Symposium: The Illusion of an External Standpoint

Vi inleder läsåret med ett symposium för professor Martin Gustafsson med anledning av hans 50″+2″-års dag (se Wittgenstein, Filosofiska undersökningar §185 för ”+2”) den 6 september 2022. Med föredrag bidrar nuvarande och tidigare kolleger från Åbo Akademi, Uppsala universitet och University of Chicago. Symposiet är öppet för studerande, forskare och personal vid fakulteten och andra intresserade vid Åbo Akademi.

UPDATED PROGRAM

The Illusion of an External Standpoint: The Philosopher and the Ordinary
Program
10.45-11.25 Lars Hertzberg (ÅA): ”Not enough regularity to call it language?”
11.30-12.15 Stina Bäckström (Södertörns högskola): ”Reflections on the blindness of habit”
12.15-14.00 Lunch
14.00-14.45 Pär Segerdahl (Uppsala universitet): ”Voices of wisdom: Uncertainty and self-examination in a knowledge society”
15.00-16.30 50-årskaffe med fakulteten
16.30-17.00 Stefan Giesewetter (ÅA): ”The search for morally alien thought”

Plats: Auditorium Aura i CLL:s byggnad, Arken

Programblad som pdf 

Beskrivning av temat på engelska
Traditionally, philosophy is conceived as the endeavor of questioning the beliefs we ordinary hold. According to this picture, the philosopher aims at detaching himself from the everyday in order to assess the validity of our beliefs about the word, the self, etc. He asks: which of them is it truly reasonable to hold? However, during the pursuit of this quest it can appear to the philosopher that actually none of our ordinary beliefs is ultimately justifiable. He is plagued by questions like: Can there be freedom of the will when the movement of matter can be described by purely causal laws? Can we base our knowledge-claims on the testimony of our senses when our senses are known to deceive us? Here, it appears that reason is turning against itself: the attempt to test our ordinary beliefs against the standard of reason reveals that none of them can live up to this standard at all. One common reaction to this in philosophy has been to broadly accept this conclusion. Philosophers have e.g. sided with science, claiming that our ordinary picture of the world should be replaced with that of science. This, in turn, has given rise to a host of problems that philosophy has to solve, e.g. what is the status of mathematics within a causal-empirical framework that obviously depends on it? However, these philosophers think that all these problems can eventually be solved by further theorizing, i.e. further detachment from the ordinary.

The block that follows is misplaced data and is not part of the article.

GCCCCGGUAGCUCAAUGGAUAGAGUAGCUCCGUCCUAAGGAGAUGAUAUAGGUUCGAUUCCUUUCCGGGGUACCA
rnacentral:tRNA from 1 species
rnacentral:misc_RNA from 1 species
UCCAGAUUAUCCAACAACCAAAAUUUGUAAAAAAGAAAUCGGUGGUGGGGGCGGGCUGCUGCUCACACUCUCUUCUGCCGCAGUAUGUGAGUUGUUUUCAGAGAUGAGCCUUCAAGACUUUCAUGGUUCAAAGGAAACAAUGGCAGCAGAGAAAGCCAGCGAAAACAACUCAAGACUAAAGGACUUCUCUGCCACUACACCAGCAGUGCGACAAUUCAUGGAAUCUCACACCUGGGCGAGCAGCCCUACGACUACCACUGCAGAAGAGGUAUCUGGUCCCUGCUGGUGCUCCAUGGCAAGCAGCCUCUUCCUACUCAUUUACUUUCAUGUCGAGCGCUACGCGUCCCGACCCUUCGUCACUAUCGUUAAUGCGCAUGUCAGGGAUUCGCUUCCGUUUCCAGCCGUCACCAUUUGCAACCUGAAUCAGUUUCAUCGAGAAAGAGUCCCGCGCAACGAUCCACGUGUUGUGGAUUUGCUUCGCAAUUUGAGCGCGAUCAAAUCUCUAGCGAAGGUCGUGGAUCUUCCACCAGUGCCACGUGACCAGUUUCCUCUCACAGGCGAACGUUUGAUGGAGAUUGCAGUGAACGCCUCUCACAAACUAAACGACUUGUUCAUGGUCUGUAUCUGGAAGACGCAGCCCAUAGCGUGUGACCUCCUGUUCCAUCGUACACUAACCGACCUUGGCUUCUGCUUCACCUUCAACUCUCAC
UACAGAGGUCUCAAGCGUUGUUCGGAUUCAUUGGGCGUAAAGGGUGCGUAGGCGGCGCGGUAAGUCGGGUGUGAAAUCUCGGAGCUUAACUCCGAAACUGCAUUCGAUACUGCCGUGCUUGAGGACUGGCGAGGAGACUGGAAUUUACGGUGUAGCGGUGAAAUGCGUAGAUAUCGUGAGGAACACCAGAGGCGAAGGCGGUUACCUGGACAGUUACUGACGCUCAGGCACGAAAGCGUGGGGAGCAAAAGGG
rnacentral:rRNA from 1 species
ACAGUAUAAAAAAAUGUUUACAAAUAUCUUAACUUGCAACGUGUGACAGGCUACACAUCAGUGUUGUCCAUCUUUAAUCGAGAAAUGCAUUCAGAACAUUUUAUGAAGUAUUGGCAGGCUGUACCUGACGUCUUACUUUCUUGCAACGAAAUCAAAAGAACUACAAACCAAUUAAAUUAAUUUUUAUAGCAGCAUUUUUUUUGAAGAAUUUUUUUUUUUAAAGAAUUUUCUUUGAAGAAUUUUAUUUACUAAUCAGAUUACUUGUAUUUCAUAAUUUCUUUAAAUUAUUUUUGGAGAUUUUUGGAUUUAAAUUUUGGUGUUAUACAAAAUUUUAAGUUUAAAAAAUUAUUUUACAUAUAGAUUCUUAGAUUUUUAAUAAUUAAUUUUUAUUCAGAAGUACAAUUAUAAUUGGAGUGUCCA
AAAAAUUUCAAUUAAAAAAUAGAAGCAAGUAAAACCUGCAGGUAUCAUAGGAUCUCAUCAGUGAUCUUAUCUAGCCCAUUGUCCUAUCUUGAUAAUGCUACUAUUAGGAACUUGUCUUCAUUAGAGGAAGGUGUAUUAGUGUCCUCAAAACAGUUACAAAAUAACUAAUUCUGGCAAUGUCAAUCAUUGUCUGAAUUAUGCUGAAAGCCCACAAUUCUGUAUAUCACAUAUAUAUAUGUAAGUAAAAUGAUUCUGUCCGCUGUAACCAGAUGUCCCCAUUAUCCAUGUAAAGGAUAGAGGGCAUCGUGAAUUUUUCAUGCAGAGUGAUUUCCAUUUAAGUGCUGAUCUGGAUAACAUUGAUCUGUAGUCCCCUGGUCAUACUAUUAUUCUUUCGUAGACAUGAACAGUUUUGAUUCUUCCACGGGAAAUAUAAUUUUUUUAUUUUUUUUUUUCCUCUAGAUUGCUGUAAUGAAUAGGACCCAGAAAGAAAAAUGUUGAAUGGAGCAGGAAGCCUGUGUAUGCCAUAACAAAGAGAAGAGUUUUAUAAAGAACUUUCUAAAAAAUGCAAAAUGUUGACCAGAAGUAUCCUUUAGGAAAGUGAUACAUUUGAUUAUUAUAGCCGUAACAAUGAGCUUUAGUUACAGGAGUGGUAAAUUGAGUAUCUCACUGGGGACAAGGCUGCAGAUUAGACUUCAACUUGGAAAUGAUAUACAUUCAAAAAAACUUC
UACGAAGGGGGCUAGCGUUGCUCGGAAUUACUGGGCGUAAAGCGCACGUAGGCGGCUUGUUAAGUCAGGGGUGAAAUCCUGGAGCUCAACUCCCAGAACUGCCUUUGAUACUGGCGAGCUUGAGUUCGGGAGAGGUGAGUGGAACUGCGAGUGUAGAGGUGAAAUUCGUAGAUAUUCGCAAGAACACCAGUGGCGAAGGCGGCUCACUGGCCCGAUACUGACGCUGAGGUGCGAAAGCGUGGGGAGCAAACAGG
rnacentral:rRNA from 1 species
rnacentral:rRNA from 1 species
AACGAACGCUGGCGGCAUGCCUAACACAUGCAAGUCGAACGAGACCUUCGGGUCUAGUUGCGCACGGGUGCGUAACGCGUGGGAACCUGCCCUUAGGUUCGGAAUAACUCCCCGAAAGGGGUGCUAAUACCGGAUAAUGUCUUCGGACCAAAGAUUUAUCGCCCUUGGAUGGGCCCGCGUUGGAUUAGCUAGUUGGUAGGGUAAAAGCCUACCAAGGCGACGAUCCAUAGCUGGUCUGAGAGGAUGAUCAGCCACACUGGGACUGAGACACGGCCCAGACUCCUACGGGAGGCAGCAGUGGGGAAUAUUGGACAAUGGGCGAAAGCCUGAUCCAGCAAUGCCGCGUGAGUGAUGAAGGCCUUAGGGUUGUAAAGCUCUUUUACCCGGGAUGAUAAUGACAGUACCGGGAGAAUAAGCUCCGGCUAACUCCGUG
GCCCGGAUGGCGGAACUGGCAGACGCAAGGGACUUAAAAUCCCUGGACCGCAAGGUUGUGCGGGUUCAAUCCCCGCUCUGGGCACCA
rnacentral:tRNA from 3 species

Throughout the history of philosophy however, there has been another reaction to the perceived dilemma of reason. According to these philosophers, there is actually nothing to the purported insight that our ordinary beliefs about the world, the self, etc. fail to measure up to some purported higher standard of reason. The way they see it, in this mode of thinking, the philosopher has simply detached himself too far – not only from our ordinary beliefs, as he takes himself to do, but also from any meaningful standard of assessment at all. For it is, as these philosophers argue, precisely the ordinary practices of everyday life that supply us with any applicable standards of assessment. To them, the philosopher, in judging our ordinary beliefs about the world, the self, etc.to be ultimately unjustifiable only occupies the illusion of an external standpoint. Once this has become clear to him, he can see that these beliefs – that we do have free will, that we can trust the testimony of our senses, etc. – can be reasonably held, without further theoretical justification.

The symposium with contribution from professor Martin Gustafsson’s previous colleagues at Uppsala university and University of Chicago, as well as colleagues and students at Åbo Akademi University, will explore how, in various fields of philosophy, the pull of wanting to occupy an external standpoint – of wanting to detach ourselves from the everyday – has been responsible for seemingly intractable problems. These fields will include the Philosophy of Language, the Philosophy of Action, Ethics, and Philosophical Methodology.

 

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